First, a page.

Processes 401 and 402 are examples of synchronized bit patterned media recording processes. In both processes, the writer is or is attempting to write seven binary values to seven media dots. This requires that the recording head generate the correct or at least an acceptable magnetic field while each media dot is in the correct position or approximately correct position beneath the recording head. If the timing or synchronization of the process is too early or too late, the intended magnetization direction will not be recorded to the correct media dot or possibly even to any media dot. This may result in information being lost during playback.
In processes 501 and 502, there is not a one-to-one correspondence between the bits being generated by the writer and the bits being recorded by the media dots. Instead, there is a four-to-seven correspondence. For example, in the time that seven media dots rotate beneath the recording head writer, the recording head writer only generates a magnetic field or fields that correspond to four bits. Or in other words, in the recording process, the media dot frequency is higher than the writing frequency.
As a result of the higher media dot frequency, the magnetization directions recorded to the media dots will not directly correspond to the bits generated by the writer. During a playback process, the reader will recover the recorded bits (e.g. the bits in blocks 550 in
The bits generated by the writer are however recoverable. The writer bits are illustratively recovered based upon the recorded magnetization directions, the frequency of the media dots, and the frequency of the writer. For example, in a process with a four-to-seven correspondence such as processes 501 and 502 in
Tracks 661-666 illustratively represent different synchronization possibilities. For example, the first media dot to the left in track 666 is further to the left than the first media dot to the left in track 661. This represents that the first media dot in track 666 passes beneath the recording head writer before the first media dot in track 661 passes beneath the writer. As is shown in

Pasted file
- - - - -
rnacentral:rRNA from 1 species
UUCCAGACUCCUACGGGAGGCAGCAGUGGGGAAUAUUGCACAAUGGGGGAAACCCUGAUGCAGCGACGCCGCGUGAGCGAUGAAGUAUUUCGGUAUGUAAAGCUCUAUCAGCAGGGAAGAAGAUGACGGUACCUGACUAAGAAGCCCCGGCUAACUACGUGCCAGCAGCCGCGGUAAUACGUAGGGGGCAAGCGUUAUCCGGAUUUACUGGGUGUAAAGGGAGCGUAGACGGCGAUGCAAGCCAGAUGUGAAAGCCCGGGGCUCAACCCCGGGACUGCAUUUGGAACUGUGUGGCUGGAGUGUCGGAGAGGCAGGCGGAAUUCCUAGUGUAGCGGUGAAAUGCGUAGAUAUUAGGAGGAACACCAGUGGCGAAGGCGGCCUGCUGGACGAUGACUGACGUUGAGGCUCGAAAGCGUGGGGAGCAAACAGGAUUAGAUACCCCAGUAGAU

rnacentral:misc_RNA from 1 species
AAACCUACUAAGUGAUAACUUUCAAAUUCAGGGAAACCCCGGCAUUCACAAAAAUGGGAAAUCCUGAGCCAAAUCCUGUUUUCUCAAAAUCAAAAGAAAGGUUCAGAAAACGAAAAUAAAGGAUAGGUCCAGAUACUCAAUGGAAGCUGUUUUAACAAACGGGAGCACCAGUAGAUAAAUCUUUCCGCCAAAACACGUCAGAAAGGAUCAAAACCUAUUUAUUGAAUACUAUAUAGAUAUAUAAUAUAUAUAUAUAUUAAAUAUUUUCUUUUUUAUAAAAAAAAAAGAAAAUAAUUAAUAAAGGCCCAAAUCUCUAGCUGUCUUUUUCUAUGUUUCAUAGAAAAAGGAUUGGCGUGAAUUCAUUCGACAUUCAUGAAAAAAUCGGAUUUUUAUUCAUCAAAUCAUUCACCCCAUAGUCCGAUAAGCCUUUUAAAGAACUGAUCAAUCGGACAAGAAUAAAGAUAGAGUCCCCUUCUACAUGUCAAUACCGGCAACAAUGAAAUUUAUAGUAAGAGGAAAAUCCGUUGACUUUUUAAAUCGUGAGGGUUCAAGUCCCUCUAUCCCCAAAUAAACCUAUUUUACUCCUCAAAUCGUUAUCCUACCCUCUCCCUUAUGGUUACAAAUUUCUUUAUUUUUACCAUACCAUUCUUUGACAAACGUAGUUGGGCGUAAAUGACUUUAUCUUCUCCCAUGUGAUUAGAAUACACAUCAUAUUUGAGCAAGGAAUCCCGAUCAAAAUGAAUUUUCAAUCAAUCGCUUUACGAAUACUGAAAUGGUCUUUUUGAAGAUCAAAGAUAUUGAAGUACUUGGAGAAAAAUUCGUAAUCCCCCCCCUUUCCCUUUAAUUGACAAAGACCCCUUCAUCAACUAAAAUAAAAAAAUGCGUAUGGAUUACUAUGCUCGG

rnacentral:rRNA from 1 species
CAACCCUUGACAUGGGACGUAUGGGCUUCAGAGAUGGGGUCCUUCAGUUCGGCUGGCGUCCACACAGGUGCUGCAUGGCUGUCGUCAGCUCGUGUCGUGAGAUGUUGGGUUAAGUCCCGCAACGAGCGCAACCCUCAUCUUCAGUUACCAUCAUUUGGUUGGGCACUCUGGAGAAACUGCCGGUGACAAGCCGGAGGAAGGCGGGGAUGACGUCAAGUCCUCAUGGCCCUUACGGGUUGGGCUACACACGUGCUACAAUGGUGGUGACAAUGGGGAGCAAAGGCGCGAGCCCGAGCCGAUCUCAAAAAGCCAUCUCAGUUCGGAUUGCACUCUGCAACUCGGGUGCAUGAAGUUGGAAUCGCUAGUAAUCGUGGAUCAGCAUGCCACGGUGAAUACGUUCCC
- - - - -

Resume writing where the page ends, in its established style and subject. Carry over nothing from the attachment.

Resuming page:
It should be noted that embodiments of the present disclosure, such as those described above, illustratively include oversampling. In oversampling, the number of media dots is greater than the number of binary bits that are being stored and retrieved. Certain embodiments include oversampling of ten percent or greater. For example, in an embodiment with ten percent oversampling, one hundred binary bits of information is stored to and retrieved from one hundred and ten media dots. This oversampling illustratively improves the ability of a bit patterned media system to recover data. For example, in a system that stores one binary bit to each media dot, data may be lost if the timing of the recording head writing process relative to the positions of the media dots is too early or too late. However, in certain embodiments of the present disclosure, oversampling is able to compensate for these timing or positional errors and data may be recovered despite timing or positional errors.
At step 720, the media dot frequency is determined. The media dot frequency illustratively corresponds to the number of media dots that rotate beneath a recording head writer during a writing process. The media dot frequency depends upon a number of factors such as, but not limited to, media dot shapes, distributions, and drive revolutions per a minute.
At step 730, the recording head write frequency is calculated. In one embodiment, for illustration purposes only, and not by limitation, the write frequency is based at least partially upon equation 1 below in which fwrite is the recording head write frequency, fdot is the media dot frequency determined at step 720, and WindowSBT is the single bit timing window determined at step 710.
For example, in processes 501 and 502 in
Embodiments of the pseudo-synchronized recording and playback process are not limited to the particular sequential ordering or of the steps in process 800. For example, for illustration purposes and not by limitation, the frequencies stored in step 820 could be stored before the writer writes magnetization directions at step 810. Also for example, in an embodiment, the frequencies retrieved in step 840 are retrieved before the magnetization directions of media dots are read in step 830.
It is worth noting some of the benefits of pseudo-synchronized recording and playback processes. In processes such as those shown in
Additionally, at least some embodiments of pseudo-synchronized processes may require less intricate devices for implementation. For example, in one synchronized BPM process, an additional sensor is required to locate the position of each media dot before recording a magnetization direction to the dot. In some embodiments of pseudo-synchronized processes, the positioning of each media dot does not need to be determined by an additional sensor before recording to each dot.
It is to be understood that even though numerous characteristics and advantages of various embodiments have been set forth in the foregoing description, together with details of the structure and function of various embodiments, this detailed description is illustrative only, and changes may be made in detail, especially in matters of structure and arrangements of parts within the principles of the present disclosure to the full extent indicated by the broad general meaning of the terms in which the appended claims are expressed. In addition, although the embodiments described herein are directed to hard disc drives, it will be appreciated by those skilled in the art that the teachings of the disclosure can be applied to other types of data storage systems, without departing from the scope and spirit of the disclosure.